It seems like services that help folks simplify their lives are the most compelling growth opportunities. This is why we need to start important conversations about new ways to serve shoppers. Here are two areas I think hold real potential for food retailers: health services and meal kits.
Digital health tools, including wearables like Fitbit, are changing the way health information is delivered — you may be wearing one right now. There’s a lot of talk about medicine going “retail,” so why can’t food retailers connect digitally to serve some of their customers’ health needs? Tying this to pharmacy is probably a good place to start. You probably already offer some form of blood pressure monitoring, so taking the next step shouldn’t be too difficult. To shoppers, it will seem like a logical move.
When the co-founder and co-CEO of Whole Foods, John Mackey, is talking about ways to better serve the health needs of his employees and customers, you know change is coming and motivation is strong.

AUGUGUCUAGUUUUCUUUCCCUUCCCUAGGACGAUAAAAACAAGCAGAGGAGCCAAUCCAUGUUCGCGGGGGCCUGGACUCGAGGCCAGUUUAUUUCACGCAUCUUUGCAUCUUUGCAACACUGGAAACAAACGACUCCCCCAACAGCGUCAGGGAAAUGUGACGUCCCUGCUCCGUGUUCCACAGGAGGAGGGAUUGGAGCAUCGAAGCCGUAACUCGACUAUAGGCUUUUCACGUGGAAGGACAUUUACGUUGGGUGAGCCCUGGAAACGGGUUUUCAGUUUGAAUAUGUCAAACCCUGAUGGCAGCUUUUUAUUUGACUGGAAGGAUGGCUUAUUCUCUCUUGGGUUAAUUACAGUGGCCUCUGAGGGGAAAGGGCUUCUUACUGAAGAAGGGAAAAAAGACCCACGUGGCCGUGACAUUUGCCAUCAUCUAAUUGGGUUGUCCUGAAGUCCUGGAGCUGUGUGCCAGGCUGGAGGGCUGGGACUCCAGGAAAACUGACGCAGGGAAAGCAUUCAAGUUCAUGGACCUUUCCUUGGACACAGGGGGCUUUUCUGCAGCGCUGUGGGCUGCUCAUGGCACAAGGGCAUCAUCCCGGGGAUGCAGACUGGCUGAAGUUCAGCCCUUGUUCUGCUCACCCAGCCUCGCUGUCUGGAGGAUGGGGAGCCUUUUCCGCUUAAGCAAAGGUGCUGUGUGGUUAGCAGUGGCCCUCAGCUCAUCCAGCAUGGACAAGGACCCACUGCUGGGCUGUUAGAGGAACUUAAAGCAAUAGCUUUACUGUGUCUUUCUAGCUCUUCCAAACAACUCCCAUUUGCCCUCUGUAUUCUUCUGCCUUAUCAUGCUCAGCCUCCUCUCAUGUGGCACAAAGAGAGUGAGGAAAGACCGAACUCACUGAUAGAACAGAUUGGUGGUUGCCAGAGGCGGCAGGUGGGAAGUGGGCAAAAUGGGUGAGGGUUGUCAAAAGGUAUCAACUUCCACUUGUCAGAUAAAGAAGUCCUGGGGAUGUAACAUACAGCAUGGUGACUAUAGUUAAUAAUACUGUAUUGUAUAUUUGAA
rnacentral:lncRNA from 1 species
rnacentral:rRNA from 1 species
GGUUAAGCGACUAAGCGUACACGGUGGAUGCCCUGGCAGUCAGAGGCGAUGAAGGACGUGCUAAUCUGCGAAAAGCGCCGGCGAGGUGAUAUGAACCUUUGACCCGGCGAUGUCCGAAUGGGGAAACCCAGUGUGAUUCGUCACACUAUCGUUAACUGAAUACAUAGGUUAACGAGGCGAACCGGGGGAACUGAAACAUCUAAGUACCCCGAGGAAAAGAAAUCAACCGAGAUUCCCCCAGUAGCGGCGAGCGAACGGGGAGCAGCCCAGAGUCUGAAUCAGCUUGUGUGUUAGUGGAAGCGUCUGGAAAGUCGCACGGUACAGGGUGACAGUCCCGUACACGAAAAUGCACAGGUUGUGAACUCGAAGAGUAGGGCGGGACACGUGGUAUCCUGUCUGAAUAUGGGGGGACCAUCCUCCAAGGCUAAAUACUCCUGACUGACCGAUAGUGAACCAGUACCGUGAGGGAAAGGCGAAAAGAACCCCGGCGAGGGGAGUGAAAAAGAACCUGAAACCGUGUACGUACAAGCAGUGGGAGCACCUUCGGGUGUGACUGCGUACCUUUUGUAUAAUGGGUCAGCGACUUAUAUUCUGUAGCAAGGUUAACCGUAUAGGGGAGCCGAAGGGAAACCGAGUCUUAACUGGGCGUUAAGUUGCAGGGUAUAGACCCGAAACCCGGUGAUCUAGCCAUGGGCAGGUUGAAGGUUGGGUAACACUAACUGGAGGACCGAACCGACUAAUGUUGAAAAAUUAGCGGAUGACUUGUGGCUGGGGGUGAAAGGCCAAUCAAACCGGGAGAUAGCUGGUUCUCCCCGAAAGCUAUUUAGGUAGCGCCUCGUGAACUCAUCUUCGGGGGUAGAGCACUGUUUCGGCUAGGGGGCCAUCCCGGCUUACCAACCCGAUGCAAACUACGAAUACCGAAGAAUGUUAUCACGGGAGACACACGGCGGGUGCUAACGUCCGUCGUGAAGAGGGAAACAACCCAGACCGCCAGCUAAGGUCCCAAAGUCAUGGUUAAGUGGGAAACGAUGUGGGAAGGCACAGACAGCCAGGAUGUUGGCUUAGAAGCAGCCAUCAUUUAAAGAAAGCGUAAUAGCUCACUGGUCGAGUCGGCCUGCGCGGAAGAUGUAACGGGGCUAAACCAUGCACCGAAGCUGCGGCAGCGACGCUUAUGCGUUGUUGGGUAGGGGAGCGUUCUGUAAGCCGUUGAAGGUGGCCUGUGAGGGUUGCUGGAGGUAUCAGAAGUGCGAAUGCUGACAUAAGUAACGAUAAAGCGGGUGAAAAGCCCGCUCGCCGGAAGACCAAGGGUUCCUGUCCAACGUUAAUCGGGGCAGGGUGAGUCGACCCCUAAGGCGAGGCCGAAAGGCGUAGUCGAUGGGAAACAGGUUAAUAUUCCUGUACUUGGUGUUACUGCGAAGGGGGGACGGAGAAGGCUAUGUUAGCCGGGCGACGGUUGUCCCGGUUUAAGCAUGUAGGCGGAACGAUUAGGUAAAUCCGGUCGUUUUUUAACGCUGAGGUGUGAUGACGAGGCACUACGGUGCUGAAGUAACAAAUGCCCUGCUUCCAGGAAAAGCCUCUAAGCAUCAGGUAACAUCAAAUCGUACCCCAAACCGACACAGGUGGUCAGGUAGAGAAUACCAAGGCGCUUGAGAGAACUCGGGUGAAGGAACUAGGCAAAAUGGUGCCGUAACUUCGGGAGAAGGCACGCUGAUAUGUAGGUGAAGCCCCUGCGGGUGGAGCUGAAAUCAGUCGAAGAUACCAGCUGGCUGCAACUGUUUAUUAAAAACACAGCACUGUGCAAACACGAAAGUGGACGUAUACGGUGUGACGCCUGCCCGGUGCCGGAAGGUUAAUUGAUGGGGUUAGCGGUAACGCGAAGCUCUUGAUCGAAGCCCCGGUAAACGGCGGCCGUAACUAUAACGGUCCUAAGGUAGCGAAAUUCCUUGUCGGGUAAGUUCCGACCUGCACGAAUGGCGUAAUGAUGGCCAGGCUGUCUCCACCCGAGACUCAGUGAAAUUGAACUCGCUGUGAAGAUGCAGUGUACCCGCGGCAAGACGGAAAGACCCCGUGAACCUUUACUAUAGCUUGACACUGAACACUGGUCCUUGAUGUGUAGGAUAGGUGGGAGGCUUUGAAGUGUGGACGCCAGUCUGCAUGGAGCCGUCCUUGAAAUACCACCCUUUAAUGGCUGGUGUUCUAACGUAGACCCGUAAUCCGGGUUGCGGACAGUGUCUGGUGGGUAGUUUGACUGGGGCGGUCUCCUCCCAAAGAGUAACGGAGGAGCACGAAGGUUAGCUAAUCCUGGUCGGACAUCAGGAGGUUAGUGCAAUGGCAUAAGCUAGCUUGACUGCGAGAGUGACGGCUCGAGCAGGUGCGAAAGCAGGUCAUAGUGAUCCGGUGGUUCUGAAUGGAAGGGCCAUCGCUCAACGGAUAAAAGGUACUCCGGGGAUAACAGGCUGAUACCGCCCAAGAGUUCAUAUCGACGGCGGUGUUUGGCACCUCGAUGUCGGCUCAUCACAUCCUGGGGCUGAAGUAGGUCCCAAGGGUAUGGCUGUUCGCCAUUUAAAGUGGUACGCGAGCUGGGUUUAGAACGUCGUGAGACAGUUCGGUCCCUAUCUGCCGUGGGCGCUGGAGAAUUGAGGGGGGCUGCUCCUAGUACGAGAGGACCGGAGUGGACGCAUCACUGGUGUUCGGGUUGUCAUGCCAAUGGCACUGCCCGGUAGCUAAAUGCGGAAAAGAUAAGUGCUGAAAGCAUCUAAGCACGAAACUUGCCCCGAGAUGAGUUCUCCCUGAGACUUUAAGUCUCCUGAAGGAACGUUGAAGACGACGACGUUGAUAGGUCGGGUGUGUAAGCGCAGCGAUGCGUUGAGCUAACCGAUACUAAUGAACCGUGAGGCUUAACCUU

Companies like Blue Apron, Plated and Hello Fresh are taking the idea of selling meal solutions to the next level. Their meal kits are generating sales so large that they’re even surprising themselves. Blue Apron delivers a complete meal kit to customers’ doors. The promise is simplicity itself: No planning, no shopping, no schlepping — just a single choice you’re cooking. Blue Apron’s relatively high cost (approximately $9.99 per two person) doesn’t seem to slow demand even as they add a four-person family plan.
This could be a good business for food retailers — and a way to better satisfy the needs of time-starved consumers. The ingredients are already at hand; learning how to assemble them profitably is the next step. Publix is making this offer with Aprons, so there’s clearly room for growth in supermarkets.
Here’s to making life simpler for customers — whether it’s in health, medicine or cooking! Simplicity is a compelling concept that can be interpreted and applied in many ways, especially when it comes to food retailing.
How else can supermarkets simplify customers’ lives?